Controlling the preparation and consumption of food has been central to the monastic tradition since the days of Pachomius. However, within the day-to-day life of the monastery, food could also promote discord. Evidence from late medieval England abounds with examples of food (or the lack of it) sparking internal monastic rebellions, power struggles, and even sexual encounters. This paper analyses the role of food in monastic misconduct as recorded in a corpus of episcopal visitation records from 15th- and 16th-century Lincoln and Norwich between 1420-1530.
The role of Christian clergy in confronting the problems of famine and their subsequent leadership in relief efforts is well documented in such historical moments as an Gorta Mór, the Great Irish Famine of 1845-1852, the Ethiopian famine of the 1980s and other 19th- and 20th-century events. During the long medieval period, however, Catholic clergy, particularly in the monasteries, played an important role in staving off the worst consequences of famine whenever possible. The particular efforts of selected monasteries will be examined in the light of Catholic Eucharistic theology as it was known and practiced in the monastic order. The Rule of St Benedict and the writings of St Anselm of Canterbury will be important sources for this understanding.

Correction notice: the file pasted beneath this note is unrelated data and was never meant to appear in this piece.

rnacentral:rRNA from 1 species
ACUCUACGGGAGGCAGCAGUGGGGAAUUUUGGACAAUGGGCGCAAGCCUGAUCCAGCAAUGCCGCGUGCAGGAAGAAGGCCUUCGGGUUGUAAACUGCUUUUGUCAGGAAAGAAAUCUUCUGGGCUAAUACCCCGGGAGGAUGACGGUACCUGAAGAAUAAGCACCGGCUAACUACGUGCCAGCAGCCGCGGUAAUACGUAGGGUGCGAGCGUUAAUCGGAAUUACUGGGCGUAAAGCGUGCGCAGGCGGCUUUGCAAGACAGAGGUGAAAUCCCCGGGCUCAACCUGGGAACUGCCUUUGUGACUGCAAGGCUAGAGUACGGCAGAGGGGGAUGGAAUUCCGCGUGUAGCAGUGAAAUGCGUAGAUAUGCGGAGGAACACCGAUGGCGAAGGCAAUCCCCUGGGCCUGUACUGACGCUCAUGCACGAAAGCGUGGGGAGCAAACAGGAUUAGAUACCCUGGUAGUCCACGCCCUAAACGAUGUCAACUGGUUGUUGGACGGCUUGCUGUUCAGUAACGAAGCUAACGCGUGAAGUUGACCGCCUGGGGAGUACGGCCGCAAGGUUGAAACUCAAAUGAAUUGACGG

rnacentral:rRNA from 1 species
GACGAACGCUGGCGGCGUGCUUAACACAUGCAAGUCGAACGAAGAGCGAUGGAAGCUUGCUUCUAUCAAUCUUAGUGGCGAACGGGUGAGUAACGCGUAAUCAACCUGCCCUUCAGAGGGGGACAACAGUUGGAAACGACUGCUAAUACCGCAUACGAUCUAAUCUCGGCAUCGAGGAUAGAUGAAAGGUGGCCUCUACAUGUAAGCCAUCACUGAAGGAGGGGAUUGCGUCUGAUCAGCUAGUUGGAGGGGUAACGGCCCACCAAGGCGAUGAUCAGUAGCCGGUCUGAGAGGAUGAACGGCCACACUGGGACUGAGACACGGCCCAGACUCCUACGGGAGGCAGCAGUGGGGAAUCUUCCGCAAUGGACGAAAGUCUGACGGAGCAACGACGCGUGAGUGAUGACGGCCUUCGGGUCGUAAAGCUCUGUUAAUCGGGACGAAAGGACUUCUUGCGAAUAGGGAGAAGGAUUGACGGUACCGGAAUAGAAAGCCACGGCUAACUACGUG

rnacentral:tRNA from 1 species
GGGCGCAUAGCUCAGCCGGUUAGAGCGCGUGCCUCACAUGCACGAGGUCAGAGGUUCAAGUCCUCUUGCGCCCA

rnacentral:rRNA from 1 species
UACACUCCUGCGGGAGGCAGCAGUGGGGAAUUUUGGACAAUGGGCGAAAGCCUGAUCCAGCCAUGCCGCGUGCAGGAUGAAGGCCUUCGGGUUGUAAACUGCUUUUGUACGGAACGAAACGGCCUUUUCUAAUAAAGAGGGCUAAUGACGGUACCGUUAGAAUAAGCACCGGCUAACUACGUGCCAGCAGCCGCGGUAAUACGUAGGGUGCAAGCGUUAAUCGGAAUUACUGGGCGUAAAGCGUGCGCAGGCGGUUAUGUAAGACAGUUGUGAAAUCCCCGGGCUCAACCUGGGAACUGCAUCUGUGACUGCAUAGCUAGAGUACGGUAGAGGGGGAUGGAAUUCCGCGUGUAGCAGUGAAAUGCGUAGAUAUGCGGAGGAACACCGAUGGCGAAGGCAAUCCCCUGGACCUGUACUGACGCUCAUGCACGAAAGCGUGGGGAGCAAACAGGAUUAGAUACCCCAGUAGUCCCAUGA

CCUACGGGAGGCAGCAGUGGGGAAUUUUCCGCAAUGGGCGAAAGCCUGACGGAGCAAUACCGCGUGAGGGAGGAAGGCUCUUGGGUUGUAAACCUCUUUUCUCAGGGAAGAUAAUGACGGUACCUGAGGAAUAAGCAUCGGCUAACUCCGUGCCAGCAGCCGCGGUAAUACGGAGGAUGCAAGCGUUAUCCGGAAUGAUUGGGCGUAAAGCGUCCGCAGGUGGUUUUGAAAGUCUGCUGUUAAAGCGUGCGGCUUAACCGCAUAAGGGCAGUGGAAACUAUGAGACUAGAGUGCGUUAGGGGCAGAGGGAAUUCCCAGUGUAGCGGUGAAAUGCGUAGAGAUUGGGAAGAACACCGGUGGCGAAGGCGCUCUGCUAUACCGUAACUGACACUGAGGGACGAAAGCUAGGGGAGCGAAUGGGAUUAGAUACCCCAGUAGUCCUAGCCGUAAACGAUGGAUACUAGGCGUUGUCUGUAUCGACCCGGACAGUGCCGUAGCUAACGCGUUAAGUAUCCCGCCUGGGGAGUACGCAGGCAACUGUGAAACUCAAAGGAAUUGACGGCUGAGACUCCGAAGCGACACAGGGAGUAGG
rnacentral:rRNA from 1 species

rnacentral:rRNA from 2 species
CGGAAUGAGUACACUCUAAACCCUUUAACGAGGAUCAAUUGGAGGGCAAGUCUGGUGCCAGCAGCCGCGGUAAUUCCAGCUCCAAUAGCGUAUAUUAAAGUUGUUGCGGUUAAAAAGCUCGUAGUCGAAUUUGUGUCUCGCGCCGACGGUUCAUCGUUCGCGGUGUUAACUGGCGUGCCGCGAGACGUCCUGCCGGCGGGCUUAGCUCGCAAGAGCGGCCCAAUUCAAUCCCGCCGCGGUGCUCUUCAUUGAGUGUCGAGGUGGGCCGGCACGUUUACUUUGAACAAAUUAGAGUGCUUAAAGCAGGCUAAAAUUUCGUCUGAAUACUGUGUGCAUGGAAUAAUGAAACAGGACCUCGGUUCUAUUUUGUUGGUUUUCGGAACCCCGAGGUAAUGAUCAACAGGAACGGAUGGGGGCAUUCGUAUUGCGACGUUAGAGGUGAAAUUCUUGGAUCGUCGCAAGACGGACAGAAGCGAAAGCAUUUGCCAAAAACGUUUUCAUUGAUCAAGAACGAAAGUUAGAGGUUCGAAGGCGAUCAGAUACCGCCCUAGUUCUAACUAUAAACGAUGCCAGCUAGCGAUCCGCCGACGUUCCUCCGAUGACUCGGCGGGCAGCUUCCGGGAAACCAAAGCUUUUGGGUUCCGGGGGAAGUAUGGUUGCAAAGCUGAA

The Benedictine Rule places considerable emphasis on silence, both to save the individual monk from imperilling his soul with idle chatter and to provide a calm, meditative enironment for the community as a whole. But it would be impossible to run a refectory, where large numbers of people had to be fed, or a dormitory, where they were issued with linen and other personal necessities, without some kind of communication. The solution, in the Cluniac tradition, and eventually the Cistercian, especially, was a list of manual signs with which the individual could make his needs known but which did not lend themselves to more extensive discourse. On the assumption that signs would only provided for things that really were in use in the relevant communities, these lists provide a more realistic insight into monastic daily life than the better known, and more common, prescriptive texts. This paper will explore the evidence they provide for diet, with a focus on the 10th-century Old English list, comparing it both with the prescriptions of the Rule, and with other lists, in the hope of identifying regional traditions, or change over the half-millennium that the signs were in use.